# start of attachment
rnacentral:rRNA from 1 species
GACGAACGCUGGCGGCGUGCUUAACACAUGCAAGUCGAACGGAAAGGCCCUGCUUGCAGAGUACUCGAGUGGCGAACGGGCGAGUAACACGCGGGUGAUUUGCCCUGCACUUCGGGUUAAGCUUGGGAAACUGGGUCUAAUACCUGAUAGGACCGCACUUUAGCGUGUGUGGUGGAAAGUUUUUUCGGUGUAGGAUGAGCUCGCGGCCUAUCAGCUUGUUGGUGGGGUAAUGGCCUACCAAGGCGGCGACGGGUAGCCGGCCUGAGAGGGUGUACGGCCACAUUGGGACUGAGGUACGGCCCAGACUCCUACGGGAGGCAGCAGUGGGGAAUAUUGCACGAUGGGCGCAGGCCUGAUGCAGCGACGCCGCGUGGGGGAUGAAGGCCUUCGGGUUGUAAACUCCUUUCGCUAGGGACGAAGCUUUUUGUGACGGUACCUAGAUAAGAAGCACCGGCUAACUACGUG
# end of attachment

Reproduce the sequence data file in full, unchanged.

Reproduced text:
rnacentral:rRNA from 1 species
GACGAACGCUGGCGGCGUGCUUAACACAUGCAAGUCGAACGGAAAGGCCCUGCUUGCAGAGUACUCGAGUGGCGAACGGGCGAGUAACACGCGGGUGAUUUGCCCUGCACUUCGGGUUAAGCUUGGGAAACUGGGUCUAAUACCUGAUAGGACCGCACUUUAGCGUGUGUGGUGGAAAGUUUUUUCGGUGUAGGAUGAGCUCGCGGCCUAUCAGCUUGUUGGUGGGGUAAUGGCCUACCAAGGCGGCGACGGGUAGCCGGCCUGAGAGGGUGUACGGCCACAUUGGGACUGAGGUACGGCCCAGACUCCUACGGGAGGCAGCAGUGGGGAAUAUUGCACGAUGGGCGCAGGCCUGAUGCAGCGACGCCGCGUGGGGGAUGAAGGCCUUCGGGUUGUAAACUCCUUUCGCUAGGGACGAAGCUUUUUGUGACGGUACCUAGAUAAGAAGCACCGGCUAACUACGUG